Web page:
As we enter 2015 with a proverbial clean slate (or should it be clean plate?), no doubt we will be bombarded with various diets and exercise regimens all in the name of losing weight, one of the most common New Year’s resolutions. Here we present to you some alternatives to carry you into 2015, so that you hopefully won’t have to remake next year.

Eat more mindfully
Translation: Put away your phone, step away from your computer and turn off your TV when eating. Since when did having a meal become synonymous with using electronics?

How to do it: Sit down and savor each bite – pay attention to the flavors and textures. When you’re eating, think about your food and only your food. Your homework can wait. I promise your phone will still be there when you’re done eating.

Benefits: Eating is no longer a chore or a banal necessity. Rather, it becomes a sensory and pleasurable experience. Eating mindfully may also inadvertently cause you to eat more slowly and consequently, less. Enjoy your food and lose weight? Radical, I know.

New Year's resolutions

Courtesy of Conscious Food UK

Reduce food waste
Translation: Stop throwing all your groceries away.

How to do it: This might take some food planning, which means looking in your fridge to check what you already have and then deciding what you want to make. Make a list and stick to the list at the store. It will also behoove you to plan what you’re making on what day, so you actually end up using what you buy. Check out this article for more tips on how to grocery shop wisely.

Benefits: You might be able to rest a little more easily at night knowing that you’re contributing less to the approximately 35 million tons of food waste America generates each year. This across the world amounts to about one-third of the food we grow going into the garbage, so it’s no wonder that freeganism is catching on.

On the list of types of foods that are ultimately wasted, fruits and vegetables are at the top, evidence that perhaps a little more food planning and realism about what we actually consume is in order. If anything, at least your paltry college wallet will thank you.

New Year's resolutions

Courtesy of Forbes

Eat less meat and seafood
Translation: A vegetarian meal doesn’t have to be a boring salad.

How to do it: If you’re used to eating meat and seafood daily, it may take some adjustment, but it’s not as hard as people might assume. You will need some inspiration and perhaps a bit more of the aforementioned food planning. A plethora of vegetarian cookbooks, food blogs and recipes are just a click away.

The bottom line is that you have to do a little bit of learning (which is why, I hope, you’re in college). Start a little at a time, for example, Meatless Mondays, and go from there. Flexitarianism might also be an option to consider.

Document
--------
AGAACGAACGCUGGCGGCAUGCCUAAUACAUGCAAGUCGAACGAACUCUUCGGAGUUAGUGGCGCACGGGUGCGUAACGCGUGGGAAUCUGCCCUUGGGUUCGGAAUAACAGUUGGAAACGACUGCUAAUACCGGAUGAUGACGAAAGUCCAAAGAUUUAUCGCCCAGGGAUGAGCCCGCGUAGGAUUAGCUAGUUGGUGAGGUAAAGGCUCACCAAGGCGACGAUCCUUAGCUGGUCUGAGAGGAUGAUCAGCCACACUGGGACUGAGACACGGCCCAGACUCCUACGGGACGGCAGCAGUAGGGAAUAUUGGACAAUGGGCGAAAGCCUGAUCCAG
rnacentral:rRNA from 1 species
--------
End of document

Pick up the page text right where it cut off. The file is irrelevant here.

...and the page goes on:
Benefits: Health effects and animal ethics aside, it shouldn’t come as a surprise that we Americans eat a lot of meat. The resulting environmental impact, on our land and our oceans, is particularly concerning. I don’t think this means we all need to give up eating meat, but small changes multiplied over many people can amount to something big.

New Year's resolutions

Courtesy of Eat & Relish

Play with new ingredients
Translation: Be curious about food.

How to do it: Whether you decide to explore all the ways you can cook an ingredient you’ve never tried or explore cuisines from different cultures, something new is always waiting on the horizon of your food journey. Explore a section of the grocery store you’ve always passed by without a second glance. Go to Sahara Mart and smell all the spices on their shelves. Then take one home to try. Cook a new recipe or read about a dish you’ve never heard before – Spoon has a learn section just for this purpose.

Benefits: By employing new-found flavor combinations, your taste buds will be awakened from their monotonous stupor. You will dazzle your friends and romantic interests alike with your MasterChef skills. You will enter a cook-off, and you will win (or at least you will earn points in the cook-off called life).

New Year's resolutions

Photo by Emily Zhang

Stop feeling guilty
Translation: Eat what you really want to and make it count.

How to do it: As I hypocritically tell you how to eat, I want to remind you that nobody can tell you how to eat. If you want a real cheeseburger, cook the meat to the doneness you like best and be choosy with your cheese. Don’t eat it because it’s there – eat it because it’s your favorite, or it reminds you of home or whatever other reason. Savor it and don’t second-guess.

Benefits: Eat in a way that’s sustainable and sits right with you. However you want to eat, there’s a way to do it, and there’s a way to do it well. Food, after all, can satisfy the body, the mind, and the soul.

New Year's resolutions

Photo by Amelia Weller

Got more resolve?
5 Ways to Keep Your New Year’s Resolution for Longer than 5 Days
10 Food Resolutions That Are Here to Stay
Top 5 Reasons to Ditch the Diet